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"From Candombe to Tango and Beyond (Part I) "




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From Candombe to Tango and beyond

(Essay on the fusion of disparate rhythms)

(Part II)

By Jean-Pierre Sighé


...It is the similar process that has given birth to Samba, Calypso (or Socca), Salsa, Cumbia, Zouk, Milonga, Canyengue, and, indeed, Tango. They were generated as rhythms and colorations, but also as corresponding dance forms. All these rhythms and dances were brought forth through the Habanera creation. It’s worth repeating that the Habanera came from incorporating the Contradanza to the African drumming of the slaves. Another famous rhythm came to birth in the journey: the Reggae. One must listen to the old Reggae rhythm prior to Bob Marley’s time and hear the accentuated Habanera expression. It evolved to the current Reggae beat where the upbeat is more pronounced. The rhythmic transformation continues as we have now in Angola, the Kizomba. The dancers who came up with the Kizomba did exactly what the descendants of slaves in Buenos Aires did; that is, invented steps and body movements to express an existing rhythm.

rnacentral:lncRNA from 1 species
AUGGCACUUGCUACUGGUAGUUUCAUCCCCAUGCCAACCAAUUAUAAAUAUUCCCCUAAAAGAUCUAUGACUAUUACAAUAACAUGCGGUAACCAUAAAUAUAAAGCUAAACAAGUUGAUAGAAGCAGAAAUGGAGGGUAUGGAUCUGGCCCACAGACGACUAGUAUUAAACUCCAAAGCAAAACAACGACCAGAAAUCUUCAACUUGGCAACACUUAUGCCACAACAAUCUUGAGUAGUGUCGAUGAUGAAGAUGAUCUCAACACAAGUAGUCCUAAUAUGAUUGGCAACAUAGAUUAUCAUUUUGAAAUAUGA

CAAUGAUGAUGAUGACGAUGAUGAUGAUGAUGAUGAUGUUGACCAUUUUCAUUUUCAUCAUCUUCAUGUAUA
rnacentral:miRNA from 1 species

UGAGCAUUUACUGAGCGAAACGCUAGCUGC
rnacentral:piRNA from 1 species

In this case, in Angola, they adopted the Zouk rhythm and music. In Buenos Aires, these descendants of African slaves first called the place they came to dance their dance, Tango, a word in their natural Bantou language meaning “ the place we gather”. The place quickly gave its name to the dance actually performed there: Tango, a dance generated to express the new form that had transitioned through the Milonga rhythm and the Canyengue dance, from the Candombe drumming, mixing in with the Foxtrot. In case there is astonishment as to how a place where a dance is performed can lend its name to the dance actually performed there, I would remind us that today we call Milonga, the place we hold Tango parties, although Milonga is a distinct dance by itself, that we dance at these parties. No mystery here. It’s only confusing to the newcomer in Tango who hears the word Milonga used in different contexts.